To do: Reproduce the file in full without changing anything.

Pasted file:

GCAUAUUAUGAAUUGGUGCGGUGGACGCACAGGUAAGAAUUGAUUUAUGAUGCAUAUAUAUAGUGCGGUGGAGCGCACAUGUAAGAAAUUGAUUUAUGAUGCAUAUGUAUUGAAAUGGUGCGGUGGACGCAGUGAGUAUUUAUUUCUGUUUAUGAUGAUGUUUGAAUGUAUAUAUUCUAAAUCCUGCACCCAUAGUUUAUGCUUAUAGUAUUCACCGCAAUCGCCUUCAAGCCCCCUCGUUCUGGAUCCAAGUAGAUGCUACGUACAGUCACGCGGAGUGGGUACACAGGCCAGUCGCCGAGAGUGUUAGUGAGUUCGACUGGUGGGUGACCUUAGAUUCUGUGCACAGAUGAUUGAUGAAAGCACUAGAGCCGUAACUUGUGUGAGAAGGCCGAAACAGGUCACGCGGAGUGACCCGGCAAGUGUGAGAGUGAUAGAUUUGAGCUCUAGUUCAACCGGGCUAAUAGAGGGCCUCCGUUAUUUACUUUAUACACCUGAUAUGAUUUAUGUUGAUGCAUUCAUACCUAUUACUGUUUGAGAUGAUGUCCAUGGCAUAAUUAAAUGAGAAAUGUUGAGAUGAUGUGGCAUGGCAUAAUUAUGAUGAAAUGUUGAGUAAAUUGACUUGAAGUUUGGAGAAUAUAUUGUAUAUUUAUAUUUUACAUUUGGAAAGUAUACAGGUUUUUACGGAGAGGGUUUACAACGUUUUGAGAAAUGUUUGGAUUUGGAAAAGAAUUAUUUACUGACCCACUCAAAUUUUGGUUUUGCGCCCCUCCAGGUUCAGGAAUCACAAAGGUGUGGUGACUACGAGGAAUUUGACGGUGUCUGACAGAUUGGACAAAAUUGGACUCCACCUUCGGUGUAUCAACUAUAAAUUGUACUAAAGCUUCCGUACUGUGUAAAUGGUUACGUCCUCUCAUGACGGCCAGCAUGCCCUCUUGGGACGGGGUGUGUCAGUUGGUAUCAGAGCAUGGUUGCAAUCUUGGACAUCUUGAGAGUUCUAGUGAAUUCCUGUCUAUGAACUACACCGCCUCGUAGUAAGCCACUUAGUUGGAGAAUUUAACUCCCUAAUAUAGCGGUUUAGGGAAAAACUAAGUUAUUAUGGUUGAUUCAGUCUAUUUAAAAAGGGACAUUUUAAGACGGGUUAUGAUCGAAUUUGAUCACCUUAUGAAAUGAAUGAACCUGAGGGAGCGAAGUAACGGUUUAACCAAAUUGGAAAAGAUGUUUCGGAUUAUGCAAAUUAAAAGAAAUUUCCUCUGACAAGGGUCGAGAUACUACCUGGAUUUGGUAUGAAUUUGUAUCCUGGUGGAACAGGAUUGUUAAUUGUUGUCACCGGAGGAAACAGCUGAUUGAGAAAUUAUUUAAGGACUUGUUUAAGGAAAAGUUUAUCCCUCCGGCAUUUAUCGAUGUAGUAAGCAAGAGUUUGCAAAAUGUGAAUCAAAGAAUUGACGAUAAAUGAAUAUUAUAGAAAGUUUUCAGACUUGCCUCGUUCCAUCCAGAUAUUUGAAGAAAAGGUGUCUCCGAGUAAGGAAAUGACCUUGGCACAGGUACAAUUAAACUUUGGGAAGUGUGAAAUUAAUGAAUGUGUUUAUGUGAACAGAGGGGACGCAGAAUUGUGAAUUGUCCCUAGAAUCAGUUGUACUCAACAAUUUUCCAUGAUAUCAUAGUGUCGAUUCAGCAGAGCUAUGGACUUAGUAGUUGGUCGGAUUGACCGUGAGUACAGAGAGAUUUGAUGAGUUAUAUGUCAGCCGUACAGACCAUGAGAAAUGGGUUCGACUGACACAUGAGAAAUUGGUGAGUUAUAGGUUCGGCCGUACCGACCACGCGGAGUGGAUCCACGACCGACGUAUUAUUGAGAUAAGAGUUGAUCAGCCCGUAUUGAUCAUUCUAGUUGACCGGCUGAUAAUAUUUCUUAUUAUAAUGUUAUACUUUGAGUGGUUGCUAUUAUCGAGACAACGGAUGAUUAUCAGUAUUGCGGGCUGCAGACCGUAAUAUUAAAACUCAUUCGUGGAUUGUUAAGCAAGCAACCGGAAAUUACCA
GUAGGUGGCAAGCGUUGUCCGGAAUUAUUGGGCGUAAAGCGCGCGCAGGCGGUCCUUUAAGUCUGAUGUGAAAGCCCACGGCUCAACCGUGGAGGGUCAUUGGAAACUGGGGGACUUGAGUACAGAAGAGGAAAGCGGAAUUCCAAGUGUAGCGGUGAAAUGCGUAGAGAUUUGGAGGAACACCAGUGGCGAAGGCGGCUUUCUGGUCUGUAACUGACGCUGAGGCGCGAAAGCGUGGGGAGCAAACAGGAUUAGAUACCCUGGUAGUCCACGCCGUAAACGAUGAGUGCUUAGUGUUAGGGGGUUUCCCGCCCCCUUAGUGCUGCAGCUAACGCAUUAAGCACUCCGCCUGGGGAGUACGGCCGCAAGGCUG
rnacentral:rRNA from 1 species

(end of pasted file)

GCAUAUUAUGAAUUGGUGCGGUGGACGCACAGGUAAGAAUUGAUUUAUGAUGCAUAUAUAUAGUGCGGUGGAGCGCACAUGUAAGAAAUUGAUUUAUGAUGCAUAUGUAUUGAAAUGGUGCGGUGGACGCAGUGAGUAUUUAUUUCUGUUUAUGAUGAUGUUUGAAUGUAUAUAUUCUAAAUCCUGCACCCAUAGUUUAUGCUUAUAGUAUUCACCGCAAUCGCCUUCAAGCCCCCUCGUUCUGGAUCCAAGUAGAUGCUACGUACAGUCACGCGGAGUGGGUACACAGGCCAGUCGCCGAGAGUGUUAGUGAGUUCGACUGGUGGGUGACCUUAGAUUCUGUGCACAGAUGAUUGAUGAAAGCACUAGAGCCGUAACUUGUGUGAGAAGGCCGAAACAGGUCACGCGGAGUGACCCGGCAAGUGUGAGAGUGAUAGAUUUGAGCUCUAGUUCAACCGGGCUAAUAGAGGGCCUCCGUUAUUUACUUUAUACACCUGAUAUGAUUUAUGUUGAUGCAUUCAUACCUAUUACUGUUUGAGAUGAUGUCCAUGGCAUAAUUAAAUGAGAAAUGUUGAGAUGAUGUGGCAUGGCAUAAUUAUGAUGAAAUGUUGAGUAAAUUGACUUGAAGUUUGGAGAAUAUAUUGUAUAUUUAUAUUUUACAUUUGGAAAGUAUACAGGUUUUUACGGAGAGGGUUUACAACGUUUUGAGAAAUGUUUGGAUUUGGAAAAGAAUUAUUUACUGACCCACUCAAAUUUUGGUUUUGCGCCCCUCCAGGUUCAGGAAUCACAAAGGUGUGGUGACUACGAGGAAUUUGACGGUGUCUGACAGAUUGGACAAAAUUGGACUCCACCUUCGGUGUAUCAACUAUAAAUUGUACUAAAGCUUCCGUACUGUGUAAAUGGUUACGUCCUCUCAUGACGGCCAGCAUGCCCUCUUGGGACGGGGUGUGUCAGUUGGUAUCAGAGCAUGGUUGCAAUCUUGGACAUCUUGAGAGUUCUAGUGAAUUCCUGUCUAUGAACUACACCGCCUCGUAGUAAGCCACUUAGUUGGAGAAUUUAACUCCCUAAUAUAGCGGUUUAGGGAAAAACUAAGUUAUUAUGGUUGAUUCAGUCUAUUUAAAAAGGGACAUUUUAAGACGGGUUAUGAUCGAAUUUGAUCACCUUAUGAAAUGAAUGAACCUGAGGGAGCGAAGUAACGGUUUAACCAAAUUGGAAAAGAUGUUUCGGAUUAUGCAAAUUAAAAGAAAUUUCCUCUGACAAGGGUCGAGAUACUACCUGGAUUUGGUAUGAAUUUGUAUCCUGGUGGAACAGGAUUGUUAAUUGUUGUCACCGGAGGAAACAGCUGAUUGAGAAAUUAUUUAAGGACUUGUUUAAGGAAAAGUUUAUCCCUCCGGCAUUUAUCGAUGUAGUAAGCAAGAGUUUGCAAAAUGUGAAUCAAAGAAUUGACGAUAAAUGAAUAUUAUAGAAAGUUUUCAGACUUGCCUCGUUCCAUCCAGAUAUUUGAAGAAAAGGUGUCUCCGAGUAAGGAAAUGACCUUGGCACAGGUACAAUUAAACUUUGGGAAGUGUGAAAUUAAUGAAUGUGUUUAUGUGAACAGAGGGGACGCAGAAUUGUGAAUUGUCCCUAGAAUCAGUUGUACUCAACAAUUUUCCAUGAUAUCAUAGUGUCGAUUCAGCAGAGCUAUGGACUUAGUAGUUGGUCGGAUUGACCGUGAGUACAGAGAGAUUUGAUGAGUUAUAUGUCAGCCGUACAGACCAUGAGAAAUGGGUUCGACUGACACAUGAGAAAUUGGUGAGUUAUAGGUUCGGCCGUACCGACCACGCGGAGUGGAUCCACGACCGACGUAUUAUUGAGAUAAGAGUUGAUCAGCCCGUAUUGAUCAUUCUAGUUGACCGGCUGAUAAUAUUUCUUAUUAUAAUGUUAUACUUUGAGUGGUUGCUAUUAUCGAGACAACGGAUGAUUAUCAGUAUUGCGGGCUGCAGACCGUAAUAUUAAAACUCAUUCGUGGAUUGUUAAGCAAGCAACCGGAAAUUACCA
GUAGGUGGCAAGCGUUGUCCGGAAUUAUUGGGCGUAAAGCGCGCGCAGGCGGUCCUUUAAGUCUGAUGUGAAAGCCCACGGCUCAACCGUGGAGGGUCAUUGGAAACUGGGGGACUUGAGUACAGAAGAGGAAAGCGGAAUUCCAAGUGUAGCGGUGAAAUGCGUAGAGAUUUGGAGGAACACCAGUGGCGAAGGCGGCUUUCUGGUCUGUAACUGACGCUGAGGCGCGAAAGCGUGGGGAGCAAACAGGAUUAGAUACCCUGGUAGUCCACGCCGUAAACGAUGAGUGCUUAGUGUUAGGGGGUUUCCCGCCCCCUUAGUGCUGCAGCUAACGCAUUAAGCACUCCGCCUGGGGAGUACGGCCGCAAGGCUG
rnacentral:rRNA from 1 species